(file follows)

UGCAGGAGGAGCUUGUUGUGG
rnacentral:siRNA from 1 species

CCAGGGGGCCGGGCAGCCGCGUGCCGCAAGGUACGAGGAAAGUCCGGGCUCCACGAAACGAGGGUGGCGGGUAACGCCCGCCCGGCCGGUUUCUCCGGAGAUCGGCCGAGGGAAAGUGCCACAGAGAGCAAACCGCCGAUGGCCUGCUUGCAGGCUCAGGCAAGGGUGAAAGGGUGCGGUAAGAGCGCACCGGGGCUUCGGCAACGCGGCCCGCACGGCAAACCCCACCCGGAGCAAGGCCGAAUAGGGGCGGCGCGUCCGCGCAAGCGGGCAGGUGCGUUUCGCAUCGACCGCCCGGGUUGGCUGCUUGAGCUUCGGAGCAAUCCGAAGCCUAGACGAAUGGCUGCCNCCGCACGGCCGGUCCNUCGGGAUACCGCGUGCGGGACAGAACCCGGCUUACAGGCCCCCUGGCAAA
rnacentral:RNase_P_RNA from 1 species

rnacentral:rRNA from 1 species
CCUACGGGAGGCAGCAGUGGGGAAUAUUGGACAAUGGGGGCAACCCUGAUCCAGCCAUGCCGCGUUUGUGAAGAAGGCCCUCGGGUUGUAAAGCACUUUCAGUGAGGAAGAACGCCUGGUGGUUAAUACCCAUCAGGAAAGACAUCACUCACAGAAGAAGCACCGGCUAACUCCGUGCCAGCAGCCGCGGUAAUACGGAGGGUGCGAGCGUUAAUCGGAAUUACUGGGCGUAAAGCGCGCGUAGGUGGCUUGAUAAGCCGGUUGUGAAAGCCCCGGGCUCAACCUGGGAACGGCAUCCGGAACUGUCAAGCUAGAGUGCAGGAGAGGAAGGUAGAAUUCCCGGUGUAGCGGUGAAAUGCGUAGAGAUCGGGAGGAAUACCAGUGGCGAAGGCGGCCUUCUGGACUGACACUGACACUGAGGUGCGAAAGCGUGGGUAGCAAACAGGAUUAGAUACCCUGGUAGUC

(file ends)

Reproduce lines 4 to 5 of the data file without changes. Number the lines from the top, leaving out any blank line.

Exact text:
rnacentral:RNase_P_RNA from 1 species

rnacentral:rRNA from 1 species